It is Thanksgiving weekend and we are on a long road trip. During the drive there and back I am writing my weekend post. I am trying to decide which stories to keep and which to ignore. Ideas float around my head, each vying for my attention, hands up waving and jumping up and down saying, “pick me, pick me!” When they are all begging to be heard, it is hard to decide which one to choose. So I write until one becomes bigger than the others. I call this my rambling. It is a healthy spew of words that clutter the mind until I am left with something that has substance. Since it is Thanksgiving, I assumed I was to write about being thankful – but I ended up rambling on and on until a lesson began to appear. A lesson I needed to learn. This first paragraph of this post is actually the last paragraph of that rambling. I am learning how important it is to rewrite. Just because a paragraph emerges at the end does not mean it can’t be moved to the beginning. Birth order of paragraphs is not important as long as the story is told.
We are heading up north, 500 miles, to visit our families for the holiday. It was a last-minute decision to travel the great distance, but it has been a tough year for a couple of siblings and I felt they wanted us there. With each passing mile I can feel the tension build, like I have to put on my armor and re-enforce the walls. I can feel my emotions taking up their place, like solders, anticipating a battle. A text alert interrupts my train of thought. A dear friend sent me a text, telling me to read bible scriptures about God going before me opening gates and leveling mountains. It is as if she is telling me that I don’t have to gear up for the battle. I contemplate this with each passing mile and it becomes clear where this war starts. It starts within me.
In the car, my youngest’s seat is in the back with the luggage. It is his spot in the car because he is the baby of the family – he was at one time the smallest, but this is no longer the case. He has passed up his petite older sister, but yet he folds himself up into the cramped space. It is just assumed that he would sit there. It is his spot, just like I am in the passenger seat with middle children in the middle. Husband, of course, is the driver. Nice and neat and in order.
My daughter assumed I would let her borrow my car to visit her dad when we arrived at our destination. My first reaction was no, because she is stepping out of her place. A place I so neatly placed her. Her frustration is clear. She has been driving for a few years now and she is defiantly capable of driving herself, but I view her as not a “driver”.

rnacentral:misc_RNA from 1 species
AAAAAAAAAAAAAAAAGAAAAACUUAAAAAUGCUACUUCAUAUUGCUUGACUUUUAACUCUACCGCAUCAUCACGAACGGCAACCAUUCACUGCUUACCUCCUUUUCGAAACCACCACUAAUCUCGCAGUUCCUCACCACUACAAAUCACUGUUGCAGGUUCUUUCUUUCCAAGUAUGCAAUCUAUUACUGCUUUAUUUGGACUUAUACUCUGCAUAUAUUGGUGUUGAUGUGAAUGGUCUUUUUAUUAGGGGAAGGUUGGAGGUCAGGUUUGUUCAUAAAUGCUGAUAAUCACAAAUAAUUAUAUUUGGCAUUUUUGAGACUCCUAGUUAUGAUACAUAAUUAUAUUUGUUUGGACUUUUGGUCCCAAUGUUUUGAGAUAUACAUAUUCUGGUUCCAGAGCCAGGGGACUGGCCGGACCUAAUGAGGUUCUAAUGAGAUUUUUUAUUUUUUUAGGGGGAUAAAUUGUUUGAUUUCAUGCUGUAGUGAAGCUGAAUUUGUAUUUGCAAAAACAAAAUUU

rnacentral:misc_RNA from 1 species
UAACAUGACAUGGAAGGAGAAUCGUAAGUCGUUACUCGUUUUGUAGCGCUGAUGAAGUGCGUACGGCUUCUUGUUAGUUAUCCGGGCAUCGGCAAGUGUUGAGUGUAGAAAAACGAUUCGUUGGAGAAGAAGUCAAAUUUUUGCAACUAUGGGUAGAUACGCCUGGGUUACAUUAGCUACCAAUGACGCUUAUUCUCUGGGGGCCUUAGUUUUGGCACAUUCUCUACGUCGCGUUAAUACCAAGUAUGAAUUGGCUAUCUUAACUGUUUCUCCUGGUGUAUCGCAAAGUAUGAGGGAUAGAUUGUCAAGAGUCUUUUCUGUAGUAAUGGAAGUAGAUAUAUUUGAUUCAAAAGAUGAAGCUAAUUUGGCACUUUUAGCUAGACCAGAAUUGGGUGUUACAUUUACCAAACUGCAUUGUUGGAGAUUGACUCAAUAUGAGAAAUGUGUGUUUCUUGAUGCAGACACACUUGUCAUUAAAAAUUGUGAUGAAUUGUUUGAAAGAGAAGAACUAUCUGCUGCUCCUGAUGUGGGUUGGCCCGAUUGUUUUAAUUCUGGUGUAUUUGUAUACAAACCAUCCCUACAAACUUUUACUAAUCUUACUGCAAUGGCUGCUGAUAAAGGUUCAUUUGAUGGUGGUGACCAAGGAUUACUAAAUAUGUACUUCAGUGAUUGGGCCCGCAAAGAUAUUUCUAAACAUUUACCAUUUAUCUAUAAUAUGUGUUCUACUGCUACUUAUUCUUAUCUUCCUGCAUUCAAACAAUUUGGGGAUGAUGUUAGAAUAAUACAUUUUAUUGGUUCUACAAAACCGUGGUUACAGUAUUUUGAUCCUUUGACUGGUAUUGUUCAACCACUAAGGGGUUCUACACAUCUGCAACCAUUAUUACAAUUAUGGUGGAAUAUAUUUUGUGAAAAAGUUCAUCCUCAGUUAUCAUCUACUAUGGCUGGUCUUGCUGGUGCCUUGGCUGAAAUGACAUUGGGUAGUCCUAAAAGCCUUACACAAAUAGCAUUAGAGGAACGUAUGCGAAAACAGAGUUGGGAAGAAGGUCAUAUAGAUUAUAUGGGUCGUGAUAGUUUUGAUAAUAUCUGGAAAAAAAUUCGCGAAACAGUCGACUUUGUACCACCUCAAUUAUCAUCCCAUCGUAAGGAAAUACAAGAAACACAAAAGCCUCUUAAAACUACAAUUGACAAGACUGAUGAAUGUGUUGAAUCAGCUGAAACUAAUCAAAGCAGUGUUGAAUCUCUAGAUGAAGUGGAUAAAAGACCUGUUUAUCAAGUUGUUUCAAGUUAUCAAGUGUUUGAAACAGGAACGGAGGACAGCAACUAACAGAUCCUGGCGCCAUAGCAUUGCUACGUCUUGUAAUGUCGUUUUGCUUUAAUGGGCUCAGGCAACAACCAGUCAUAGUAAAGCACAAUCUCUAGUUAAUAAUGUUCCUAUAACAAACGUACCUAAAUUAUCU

I am also frustrated with my place within my childhood family. I am the oldest of four and the responsible one, setting the course for the others. I made many mistakes and feel that I am the failure of the family. Why do I feel like I am not good enough? Because I was the one who tried first, did first and failed first.
It was noticeably different this visit. I could sense the weariness and the strain. Personal wars have raged all year-long with a few members of the family. One was at a breaking point and the stress of hosting the meal crumbled what little stability that she had left. I remember when I felt the first breaking point during a major change. This was her moment and I understood. And it was then that I felt a true connection with her. I look at other family members who are facing their own battles and it is like I am seeing them for the first time. All that shame I have because I thought I failed, were now the battles they were fighting. My role changed from the one who has made mistakes to the one who has experience. I soon realize that I have the power to change my place within my family
We laughed, cried and broke down until our real selves emerged. It was then that real conversation and real bonding started. Each in a different stage of a major change, yet feeling that we were not alone, we had each other. Our children piled up in heaps on the living room floor, whispering in the dark as us grown ups sat around the table all night telling war stories. This is family and I was so thankful to have shared this time with them.
I did give my daughter the car keys and I also made her sit in the smaller seat and let her brother stretch his legs. I learned a lesson in being flexible and adjust as people change within the family unit and that birth order is not the only reason in determining where one belongs.